Thursday, April 22, 2021

Q Toon: Changing Channels

After so many weeks cartooning about the right-wing assault on transgender Americans, and a week that saw a mass shooting just about every day, I felt the need to draw a little fluff for a change.

A recent contestant on ABC's The Bachelor, Colton Underwood, came out as gay last week. The former NFL linebacker (Chargers, Raiders, Eagles) had previously been one of the bevy of male contestants on The Bachelorette before becoming the focus of The Bachelor's season 23. In case you're unfamiliar with the franchise, there's a houseful of people who are the opposite sex of the season's bachelor/ette, who goes on a series of dates with them and winnows them down to a final, er, winner.

The object of the game is supposedly matrimony, which is as bad an idea as has ever emerged from a producers' brainstorming session. (The two shows nevertheless have a combined 42 seasons between them.) Happily, Underwood's star turn did not result in wedding bells, although there was a restraining order involved.

We all come to grips with our sexuality at our own pace and on our own terms. Some people make and embrace the realization in childhood, while others do so only later in life. There are still, moreover, a wide variety of pressures to deny oneself, whether from church, family, or the locker room, so I don't wish to second guess Mr. Underwood's choices.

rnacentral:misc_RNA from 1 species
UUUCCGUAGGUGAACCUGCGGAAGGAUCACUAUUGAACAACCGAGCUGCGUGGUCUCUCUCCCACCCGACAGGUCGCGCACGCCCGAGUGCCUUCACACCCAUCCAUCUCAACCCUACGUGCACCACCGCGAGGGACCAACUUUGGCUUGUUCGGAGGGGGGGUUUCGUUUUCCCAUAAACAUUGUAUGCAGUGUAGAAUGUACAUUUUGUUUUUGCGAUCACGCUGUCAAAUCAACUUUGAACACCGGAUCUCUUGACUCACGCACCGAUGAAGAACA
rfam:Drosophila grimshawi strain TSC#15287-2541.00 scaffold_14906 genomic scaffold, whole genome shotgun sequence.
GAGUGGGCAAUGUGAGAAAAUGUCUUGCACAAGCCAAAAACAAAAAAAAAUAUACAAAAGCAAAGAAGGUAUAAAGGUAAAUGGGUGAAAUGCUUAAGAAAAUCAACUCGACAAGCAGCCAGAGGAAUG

His choice now to share the reorientation of his life on a Netflix series seems ill-advised, I suppose; but on the other hand, famous people don't get the luxury of coming out quietly — what say you, Ellen DeGeneres, Greg Louganis, Lance Bass, Kaitlyn Jenner, Elliot Page? 

Besides, the phenomenon of newly out LGBTQ+ going kind of overboard in the process is fairly well known, even without the celebrity factor.

Of all the other LGBTQ+ celebrities, activists and mavens who have had anything to say about Underwood, whether supportive of his coming out or attacking him for "monetizing" his experience, perhaps the most insightful was 1990's NSYNC heartthrob Bass, who told the Daily Mail,

"So when someone comes out as a public figure, so many people immediately go, 'It's too late.' They don't like to support it because they don't feel like you know what you're talking about yet.

"But I don't think Colton is trying to lead that charge of trying to be the spokesperson for the LGBTQ community." Lance, 41, added.

So perhaps ABC could sign him up for a same-sex season of The Bachelor instead.

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